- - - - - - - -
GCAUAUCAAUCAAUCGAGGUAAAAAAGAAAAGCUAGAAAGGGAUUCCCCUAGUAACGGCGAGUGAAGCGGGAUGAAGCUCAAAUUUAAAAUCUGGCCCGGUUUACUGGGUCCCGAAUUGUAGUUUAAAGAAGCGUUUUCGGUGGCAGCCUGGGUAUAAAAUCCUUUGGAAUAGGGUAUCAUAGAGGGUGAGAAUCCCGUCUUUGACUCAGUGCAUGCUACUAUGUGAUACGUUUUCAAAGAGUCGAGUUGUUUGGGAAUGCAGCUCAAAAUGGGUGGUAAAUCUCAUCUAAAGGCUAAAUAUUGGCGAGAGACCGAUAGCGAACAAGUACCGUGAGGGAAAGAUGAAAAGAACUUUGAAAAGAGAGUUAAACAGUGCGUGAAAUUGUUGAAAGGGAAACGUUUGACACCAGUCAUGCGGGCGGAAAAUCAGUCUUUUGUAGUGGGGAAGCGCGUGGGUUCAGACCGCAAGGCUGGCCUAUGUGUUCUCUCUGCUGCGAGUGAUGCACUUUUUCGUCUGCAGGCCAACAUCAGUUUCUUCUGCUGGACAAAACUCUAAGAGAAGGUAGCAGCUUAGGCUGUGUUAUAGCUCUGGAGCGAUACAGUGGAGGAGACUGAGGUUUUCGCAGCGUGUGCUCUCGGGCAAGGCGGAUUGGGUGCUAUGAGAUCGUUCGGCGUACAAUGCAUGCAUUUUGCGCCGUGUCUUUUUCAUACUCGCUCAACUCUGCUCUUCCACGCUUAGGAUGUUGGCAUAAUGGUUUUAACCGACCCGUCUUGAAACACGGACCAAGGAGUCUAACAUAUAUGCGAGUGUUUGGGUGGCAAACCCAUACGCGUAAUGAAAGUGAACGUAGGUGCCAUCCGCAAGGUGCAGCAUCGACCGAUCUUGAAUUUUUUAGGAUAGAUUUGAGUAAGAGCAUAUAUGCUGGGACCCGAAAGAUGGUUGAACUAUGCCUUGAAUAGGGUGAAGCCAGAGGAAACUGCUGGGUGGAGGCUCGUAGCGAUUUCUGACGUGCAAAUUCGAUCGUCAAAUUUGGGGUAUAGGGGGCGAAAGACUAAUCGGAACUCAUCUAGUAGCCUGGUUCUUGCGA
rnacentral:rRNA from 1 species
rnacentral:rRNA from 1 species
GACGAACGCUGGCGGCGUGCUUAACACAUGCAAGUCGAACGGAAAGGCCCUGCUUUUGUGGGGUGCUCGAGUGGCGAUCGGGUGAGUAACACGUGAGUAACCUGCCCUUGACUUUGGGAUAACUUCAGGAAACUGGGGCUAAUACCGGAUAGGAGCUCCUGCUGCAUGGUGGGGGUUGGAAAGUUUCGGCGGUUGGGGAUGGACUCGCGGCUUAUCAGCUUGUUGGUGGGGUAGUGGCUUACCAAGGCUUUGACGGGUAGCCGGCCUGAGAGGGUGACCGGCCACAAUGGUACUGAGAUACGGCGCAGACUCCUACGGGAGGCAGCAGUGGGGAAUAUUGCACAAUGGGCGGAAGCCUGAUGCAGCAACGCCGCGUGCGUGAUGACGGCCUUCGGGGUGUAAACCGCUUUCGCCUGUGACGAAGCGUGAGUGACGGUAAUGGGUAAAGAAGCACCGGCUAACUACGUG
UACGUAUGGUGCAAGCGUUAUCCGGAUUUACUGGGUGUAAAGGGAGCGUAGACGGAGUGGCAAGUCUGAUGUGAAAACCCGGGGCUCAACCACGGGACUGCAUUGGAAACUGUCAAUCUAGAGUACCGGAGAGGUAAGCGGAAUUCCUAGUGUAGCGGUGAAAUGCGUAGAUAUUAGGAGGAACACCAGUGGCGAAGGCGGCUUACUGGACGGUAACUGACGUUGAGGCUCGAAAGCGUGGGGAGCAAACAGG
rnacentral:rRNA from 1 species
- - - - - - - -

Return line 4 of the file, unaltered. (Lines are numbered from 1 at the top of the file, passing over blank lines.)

GACGAACGCUGGCGGCGUGCUUAACACAUGCAAGUCGAACGGAAAGGCCCUGCUUUUGUGGGGUGCUCGAGUGGCGAUCGGGUGAGUAACACGUGAGUAACCUGCCCUUGACUUUGGGAUAACUUCAGGAAACUGGGGCUAAUACCGGAUAGGAGCUCCUGCUGCAUGGUGGGGGUUGGAAAGUUUCGGCGGUUGGGGAUGGACUCGCGGCUUAUCAGCUUGUUGGUGGGGUAGUGGCUUACCAAGGCUUUGACGGGUAGCCGGCCUGAGAGGGUGACCGGCCACAAUGGUACUGAGAUACGGCGCAGACUCCUACGGGAGGCAGCAGUGGGGAAUAUUGCACAAUGGGCGGAAGCCUGAUGCAGCAACGCCGCGUGCGUGAUGACGGCCUUCGGGGUGUAAACCGCUUUCGCCUGUGACGAAGCGUGAGUGACGGUAAUGGGUAAAGAAGCACCGGCUAACUACGUG